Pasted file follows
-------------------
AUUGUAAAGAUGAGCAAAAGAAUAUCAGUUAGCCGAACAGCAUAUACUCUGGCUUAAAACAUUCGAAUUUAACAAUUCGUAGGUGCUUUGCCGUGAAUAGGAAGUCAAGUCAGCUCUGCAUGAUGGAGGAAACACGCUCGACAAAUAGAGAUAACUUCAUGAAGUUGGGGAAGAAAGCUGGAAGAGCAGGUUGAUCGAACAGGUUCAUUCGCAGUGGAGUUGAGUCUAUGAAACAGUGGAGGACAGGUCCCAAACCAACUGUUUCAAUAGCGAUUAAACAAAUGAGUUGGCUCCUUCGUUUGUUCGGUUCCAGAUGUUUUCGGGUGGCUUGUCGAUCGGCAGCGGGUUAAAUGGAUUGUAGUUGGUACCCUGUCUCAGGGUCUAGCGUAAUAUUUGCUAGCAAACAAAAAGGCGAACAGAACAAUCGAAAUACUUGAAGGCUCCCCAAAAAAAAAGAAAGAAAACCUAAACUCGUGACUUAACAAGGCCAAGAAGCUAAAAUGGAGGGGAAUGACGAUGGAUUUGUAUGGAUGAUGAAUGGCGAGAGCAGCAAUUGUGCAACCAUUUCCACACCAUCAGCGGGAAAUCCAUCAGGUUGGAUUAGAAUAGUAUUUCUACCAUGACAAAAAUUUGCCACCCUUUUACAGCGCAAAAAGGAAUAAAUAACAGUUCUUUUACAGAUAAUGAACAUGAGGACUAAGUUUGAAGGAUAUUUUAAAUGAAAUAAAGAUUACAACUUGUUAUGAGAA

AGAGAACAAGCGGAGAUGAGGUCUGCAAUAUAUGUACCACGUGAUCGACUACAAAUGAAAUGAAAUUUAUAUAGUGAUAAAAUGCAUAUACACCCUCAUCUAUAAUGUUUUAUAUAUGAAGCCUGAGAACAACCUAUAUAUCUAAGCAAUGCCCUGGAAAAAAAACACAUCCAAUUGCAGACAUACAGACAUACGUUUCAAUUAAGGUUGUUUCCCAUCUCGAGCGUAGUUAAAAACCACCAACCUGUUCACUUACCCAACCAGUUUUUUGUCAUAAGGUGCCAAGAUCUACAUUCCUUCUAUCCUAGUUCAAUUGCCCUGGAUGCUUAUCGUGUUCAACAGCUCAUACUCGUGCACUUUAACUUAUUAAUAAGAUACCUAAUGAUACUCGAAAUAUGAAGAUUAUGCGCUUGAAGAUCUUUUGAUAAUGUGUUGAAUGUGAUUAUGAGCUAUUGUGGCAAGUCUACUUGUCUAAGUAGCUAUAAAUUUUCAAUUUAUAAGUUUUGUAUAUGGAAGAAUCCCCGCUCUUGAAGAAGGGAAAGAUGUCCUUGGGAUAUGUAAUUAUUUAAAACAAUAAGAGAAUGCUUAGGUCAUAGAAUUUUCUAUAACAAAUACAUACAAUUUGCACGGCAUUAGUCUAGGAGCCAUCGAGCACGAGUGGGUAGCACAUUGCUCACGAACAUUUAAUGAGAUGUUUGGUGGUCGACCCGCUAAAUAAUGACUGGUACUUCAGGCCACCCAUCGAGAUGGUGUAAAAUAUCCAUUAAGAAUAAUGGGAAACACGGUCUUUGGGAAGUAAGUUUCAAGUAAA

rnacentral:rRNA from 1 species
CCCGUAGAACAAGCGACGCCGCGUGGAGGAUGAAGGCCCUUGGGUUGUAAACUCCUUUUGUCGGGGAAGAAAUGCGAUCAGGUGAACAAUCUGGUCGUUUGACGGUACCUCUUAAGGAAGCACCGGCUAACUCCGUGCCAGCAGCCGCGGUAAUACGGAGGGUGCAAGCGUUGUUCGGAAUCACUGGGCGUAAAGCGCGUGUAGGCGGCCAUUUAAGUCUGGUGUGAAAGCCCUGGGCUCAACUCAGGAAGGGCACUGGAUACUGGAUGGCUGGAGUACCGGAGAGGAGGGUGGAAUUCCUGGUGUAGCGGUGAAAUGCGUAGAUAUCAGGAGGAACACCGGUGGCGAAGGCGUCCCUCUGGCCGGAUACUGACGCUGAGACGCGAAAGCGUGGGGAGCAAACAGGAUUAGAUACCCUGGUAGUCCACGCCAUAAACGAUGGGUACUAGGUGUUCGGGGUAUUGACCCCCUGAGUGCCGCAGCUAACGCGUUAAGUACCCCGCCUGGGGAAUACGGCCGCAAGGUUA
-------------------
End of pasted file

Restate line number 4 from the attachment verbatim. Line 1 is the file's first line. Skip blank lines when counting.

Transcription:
CCCGUAGAACAAGCGACGCCGCGUGGAGGAUGAAGGCCCUUGGGUUGUAAACUCCUUUUGUCGGGGAAGAAAUGCGAUCAGGUGAACAAUCUGGUCGUUUGACGGUACCUCUUAAGGAAGCACCGGCUAACUCCGUGCCAGCAGCCGCGGUAAUACGGAGGGUGCAAGCGUUGUUCGGAAUCACUGGGCGUAAAGCGCGUGUAGGCGGCCAUUUAAGUCUGGUGUGAAAGCCCUGGGCUCAACUCAGGAAGGGCACUGGAUACUGGAUGGCUGGAGUACCGGAGAGGAGGGUGGAAUUCCUGGUGUAGCGGUGAAAUGCGUAGAUAUCAGGAGGAACACCGGUGGCGAAGGCGUCCCUCUGGCCGGAUACUGACGCUGAGACGCGAAAGCGUGGGGAGCAAACAGGAUUAGAUACCCUGGUAGUCCACGCCAUAAACGAUGGGUACUAGGUGUUCGGGGUAUUGACCCCCUGAGUGCCGCAGCUAACGCGUUAAGUACCCCGCCUGGGGAAUACGGCCGCAAGGUUA